And yet I loved every plodding, baffling minute of it.

Obviously, some of this is the nostalgia talking. If I haven’t spent the last two and a half decades staring at a blank screen thinking only of the idea of Twin Peaks returning, I’ve felt echoes of its genius in so many of the shows I’ve since loved that it’s never too far from my critic/fan brain, and that’s even allowing for the mess the original show became after Laura’s murder was solved. So I thrilled to see Dr. Jacoby still wearing his two-toned glasses, to see Ben and Jerry again snacking and sniping, to get those brief, poignant glimpses of the Log Lady on the phone with Hawk, both actress, character, and director all painfully aware of how little time is left. But I’m also a TV revival atheist, preferring that my darlings stay in a glass cage not in my living room, but in my memory, rather than returning as pale imitations of their former selves that made me question what I loved in the first place. Nostalgia tends to do more harm than good with these things, because they remind you of how much better the shows were back in their day.

The Return, though, never felt like a brand cash-in — Lynch and Frost returning to their most famous creation for lack of other ideas — nor like a show that had no business existing outside its original time and space. We may get there in time, especially if we start spending more of it with the original gang and less with the citizens of Buckhorn, South Dakota. But for all of its self-indulgence with pacing and content, and for all off its opaqueness even by Twin Peaks standards, this felt thrillingly alive and fresh, even as it was continuing a story that Lynch and Frost had to abandon back in 1991 due to low ratings and various bad creative choices like the drawer knob.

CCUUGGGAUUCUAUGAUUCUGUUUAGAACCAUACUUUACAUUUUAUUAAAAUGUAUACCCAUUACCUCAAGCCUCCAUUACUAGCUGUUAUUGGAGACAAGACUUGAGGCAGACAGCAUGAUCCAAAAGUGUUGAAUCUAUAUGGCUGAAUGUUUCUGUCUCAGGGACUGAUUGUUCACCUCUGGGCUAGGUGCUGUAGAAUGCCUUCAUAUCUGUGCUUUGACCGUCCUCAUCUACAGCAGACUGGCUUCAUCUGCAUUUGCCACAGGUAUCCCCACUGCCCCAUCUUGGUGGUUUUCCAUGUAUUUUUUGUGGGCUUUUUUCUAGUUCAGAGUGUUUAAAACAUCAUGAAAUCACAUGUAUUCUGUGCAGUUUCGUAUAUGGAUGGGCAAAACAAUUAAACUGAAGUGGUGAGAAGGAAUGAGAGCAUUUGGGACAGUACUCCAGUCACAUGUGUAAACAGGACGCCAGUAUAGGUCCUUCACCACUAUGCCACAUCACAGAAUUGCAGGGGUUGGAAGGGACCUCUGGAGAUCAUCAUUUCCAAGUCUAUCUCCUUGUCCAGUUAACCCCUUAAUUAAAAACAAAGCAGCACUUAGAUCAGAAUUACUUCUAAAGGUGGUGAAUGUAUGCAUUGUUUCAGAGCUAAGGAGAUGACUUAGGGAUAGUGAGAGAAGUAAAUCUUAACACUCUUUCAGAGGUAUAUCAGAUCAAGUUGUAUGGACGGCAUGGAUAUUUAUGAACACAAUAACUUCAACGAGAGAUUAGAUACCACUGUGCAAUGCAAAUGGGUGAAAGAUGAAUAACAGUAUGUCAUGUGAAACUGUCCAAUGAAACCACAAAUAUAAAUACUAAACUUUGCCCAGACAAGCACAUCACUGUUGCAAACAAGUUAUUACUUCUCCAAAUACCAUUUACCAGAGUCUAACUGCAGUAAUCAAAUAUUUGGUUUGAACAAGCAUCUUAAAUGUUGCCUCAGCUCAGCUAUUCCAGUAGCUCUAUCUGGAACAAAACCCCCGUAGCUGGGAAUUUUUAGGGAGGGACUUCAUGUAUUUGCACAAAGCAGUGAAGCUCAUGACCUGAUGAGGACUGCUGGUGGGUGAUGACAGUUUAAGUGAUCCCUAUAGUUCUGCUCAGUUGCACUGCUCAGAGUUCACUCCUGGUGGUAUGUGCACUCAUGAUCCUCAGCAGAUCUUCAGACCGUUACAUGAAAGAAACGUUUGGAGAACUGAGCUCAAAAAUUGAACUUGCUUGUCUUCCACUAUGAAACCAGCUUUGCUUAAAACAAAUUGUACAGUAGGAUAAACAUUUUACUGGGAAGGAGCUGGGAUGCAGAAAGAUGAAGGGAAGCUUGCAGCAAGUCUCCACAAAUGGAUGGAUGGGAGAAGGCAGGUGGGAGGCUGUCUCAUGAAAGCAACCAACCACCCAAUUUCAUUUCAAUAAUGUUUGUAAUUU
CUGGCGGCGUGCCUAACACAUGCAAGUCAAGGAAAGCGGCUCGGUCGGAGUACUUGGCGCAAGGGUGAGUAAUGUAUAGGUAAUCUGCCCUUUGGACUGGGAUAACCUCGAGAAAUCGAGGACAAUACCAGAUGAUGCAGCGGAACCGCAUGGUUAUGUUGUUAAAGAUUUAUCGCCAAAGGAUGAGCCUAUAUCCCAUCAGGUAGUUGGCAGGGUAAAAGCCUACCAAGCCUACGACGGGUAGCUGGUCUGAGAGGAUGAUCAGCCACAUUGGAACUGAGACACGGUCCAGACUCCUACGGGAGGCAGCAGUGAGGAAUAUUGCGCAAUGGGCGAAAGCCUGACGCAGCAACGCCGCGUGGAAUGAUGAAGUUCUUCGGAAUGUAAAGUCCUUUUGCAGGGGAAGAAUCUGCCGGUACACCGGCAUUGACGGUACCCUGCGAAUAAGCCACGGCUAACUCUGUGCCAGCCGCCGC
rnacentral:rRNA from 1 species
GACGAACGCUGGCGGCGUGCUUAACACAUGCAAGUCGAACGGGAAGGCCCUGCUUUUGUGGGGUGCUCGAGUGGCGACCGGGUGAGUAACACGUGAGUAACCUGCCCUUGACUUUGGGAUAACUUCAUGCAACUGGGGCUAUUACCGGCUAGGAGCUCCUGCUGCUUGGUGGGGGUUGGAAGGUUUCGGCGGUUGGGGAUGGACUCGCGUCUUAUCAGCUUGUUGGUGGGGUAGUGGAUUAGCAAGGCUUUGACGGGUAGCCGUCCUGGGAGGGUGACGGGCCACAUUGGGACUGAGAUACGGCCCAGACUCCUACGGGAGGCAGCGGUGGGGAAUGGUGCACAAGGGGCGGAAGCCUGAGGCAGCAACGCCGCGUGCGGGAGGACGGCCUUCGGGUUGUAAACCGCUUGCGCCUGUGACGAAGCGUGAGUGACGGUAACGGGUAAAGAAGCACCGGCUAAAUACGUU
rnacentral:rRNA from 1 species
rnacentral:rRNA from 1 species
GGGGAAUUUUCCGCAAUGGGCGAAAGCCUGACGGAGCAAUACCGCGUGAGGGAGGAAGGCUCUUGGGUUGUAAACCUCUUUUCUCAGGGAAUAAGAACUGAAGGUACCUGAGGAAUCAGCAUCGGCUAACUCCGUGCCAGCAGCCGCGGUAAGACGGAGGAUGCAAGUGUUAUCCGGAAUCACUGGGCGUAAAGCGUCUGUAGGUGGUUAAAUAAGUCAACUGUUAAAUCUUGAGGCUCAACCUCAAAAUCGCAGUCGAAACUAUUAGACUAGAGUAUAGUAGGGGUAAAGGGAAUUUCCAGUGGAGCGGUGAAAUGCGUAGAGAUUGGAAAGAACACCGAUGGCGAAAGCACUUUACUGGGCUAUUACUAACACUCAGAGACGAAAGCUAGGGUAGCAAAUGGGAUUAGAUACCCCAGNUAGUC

The premiere only lingered with one original character, but it was the most important one, and the one whose fate was left most up in the air by the events of the finale(*). The big question I had going into all of this would be how the show dealt with the idea that the series ended with Dale Cooper trapped in the Black Lodge while a doppelganger controlled by Bob was posing as him out in the real world. All the promotional photos featured Kyle MacLachlan styled like the coffee enthusiast we knew so well; would there, I wondered, be a throwaway reference to him having escaped the Lodge years ago, to more easily set up what the new stories would be about? Instead, the premiere gives us the more depressing answer: Cooper has been trapped there all this time, along with Laura, Leland, Mike, and even the Giant, while Bob has gone rogue in the doppelganger body, growing his hair out to Hawk lengths, wearing leather, and leaving death and mayhem in his wake. It’s not a new story, but the dark continuation of the one we watched back in the day — and that Lynch and Frost are hoping enough of us remember well enough to follow now.